The Third District Court of Appeal rejected the city of Miami’s appeal in breach of a settlement agreement lawsuit after it allowed a Miami developer to tear down a historic building in the MiMo Historic District, having previously agreed to preserve it.
Attorney David Winker represented the appellees, and said it’s a case that will encourage settlement agreements because the ruling makes it clear they’re now enforceable.
“It really sets forth this road map on how communities, residents, city governments and developers can resolve disputes,” said Winker. “The city taking the position that this wasn’t enforceable led to this uncertainty of, ‘How we will ever be able to settle these suits?’”
Winker’s clients, Elvis Cruz and Robert Stebbins, sued developer Avra Jain and the city of Miami in 2019 after entering into a settlement agreement in 2014 to preserve the historic Bayside Motor Inn, located at 5125 Biscayne Blvd.
“She bought this historic building and had a plan and wanted to knock it down,” said Winker. “We fought her on the teardown and, as part of that litigation, she agreed to preserve the property. We agreed to drop our litigation.”
Jain received transferable development rights, which allows developers to buy development rights to certain parcels of land within a designated area and then transfer those rights to another area to increase the density of the development. Winker said Jain sold the transferable development rights and demolished the building in 2017.
“She goes to the city and says, ‘I want to demolish the building,’” said Winker. “What does the city do? There’s your permit. I sued her and I sued the city.”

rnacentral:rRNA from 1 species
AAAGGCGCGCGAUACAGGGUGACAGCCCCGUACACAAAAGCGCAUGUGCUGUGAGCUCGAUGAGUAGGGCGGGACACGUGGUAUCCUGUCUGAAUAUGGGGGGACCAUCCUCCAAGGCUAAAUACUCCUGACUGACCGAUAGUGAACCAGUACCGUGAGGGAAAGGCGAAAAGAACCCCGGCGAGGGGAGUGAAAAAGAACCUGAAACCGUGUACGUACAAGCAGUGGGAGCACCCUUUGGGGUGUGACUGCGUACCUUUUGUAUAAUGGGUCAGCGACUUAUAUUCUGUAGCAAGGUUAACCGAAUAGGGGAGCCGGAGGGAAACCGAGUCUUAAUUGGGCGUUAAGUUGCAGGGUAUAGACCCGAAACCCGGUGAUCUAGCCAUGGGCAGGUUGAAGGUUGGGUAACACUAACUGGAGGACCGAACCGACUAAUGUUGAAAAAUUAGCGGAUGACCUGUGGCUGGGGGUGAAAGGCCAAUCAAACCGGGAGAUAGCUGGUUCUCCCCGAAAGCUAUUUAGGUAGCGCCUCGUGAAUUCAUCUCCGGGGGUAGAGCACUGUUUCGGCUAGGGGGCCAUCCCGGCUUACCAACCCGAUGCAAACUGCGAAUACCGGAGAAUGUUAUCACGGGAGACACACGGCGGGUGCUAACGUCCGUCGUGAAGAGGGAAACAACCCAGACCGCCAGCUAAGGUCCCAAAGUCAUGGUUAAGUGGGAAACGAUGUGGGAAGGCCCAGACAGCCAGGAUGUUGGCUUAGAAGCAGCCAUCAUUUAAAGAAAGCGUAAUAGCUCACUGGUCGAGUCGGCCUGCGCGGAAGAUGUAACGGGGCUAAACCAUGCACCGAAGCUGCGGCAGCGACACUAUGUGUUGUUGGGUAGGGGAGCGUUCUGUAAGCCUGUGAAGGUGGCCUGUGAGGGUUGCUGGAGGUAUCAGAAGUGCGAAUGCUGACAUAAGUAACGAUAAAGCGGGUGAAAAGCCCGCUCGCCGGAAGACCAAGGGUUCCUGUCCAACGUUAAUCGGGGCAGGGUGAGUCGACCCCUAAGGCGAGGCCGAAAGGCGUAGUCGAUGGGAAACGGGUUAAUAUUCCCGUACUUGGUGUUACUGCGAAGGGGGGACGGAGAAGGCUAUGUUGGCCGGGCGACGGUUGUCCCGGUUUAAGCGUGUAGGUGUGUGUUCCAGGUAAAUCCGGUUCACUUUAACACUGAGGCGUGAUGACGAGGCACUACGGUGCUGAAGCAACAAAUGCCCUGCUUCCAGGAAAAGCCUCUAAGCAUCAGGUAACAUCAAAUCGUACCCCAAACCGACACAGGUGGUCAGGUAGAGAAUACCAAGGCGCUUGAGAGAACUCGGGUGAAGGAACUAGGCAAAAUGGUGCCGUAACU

In the complaint, Cruz and Stebbins alleged the city breached a settlement agreement it entered into with them. They sought damages and injunctive relief. The city moved to dismiss, arguing the claims were barred by the doctrine of sovereign immunity.
Miami-Dade Circuit Judge William Thomas denied the city’s motion to dismiss a count alleging it breached a settlement agreement.
Third DCA Judges Kevin Emas, Monica Gordo and Edwin Scales sat on the appellate panel.
“Cruz alleges in his complaint that the city breached an express written contract, a copy of which was attached to the complaint. Florida law recognizes a limited waiver of sovereign immunity where the municipality breaches an express written contract,” Judge Emas wrote in the opinion. “We find no error in the trial court’s order denying the city’s motion to dismiss based on sovereign immunity.”
City attorney Victoria Méndez, senior assistant city attorney Christopher Green, and deputy city attorney John Greco represented the city. They did not respond to a request for comment.
Winker said his client wants a brick-for-brick replacement of the building, and claims the city and Jain is held liable for breaching their promise.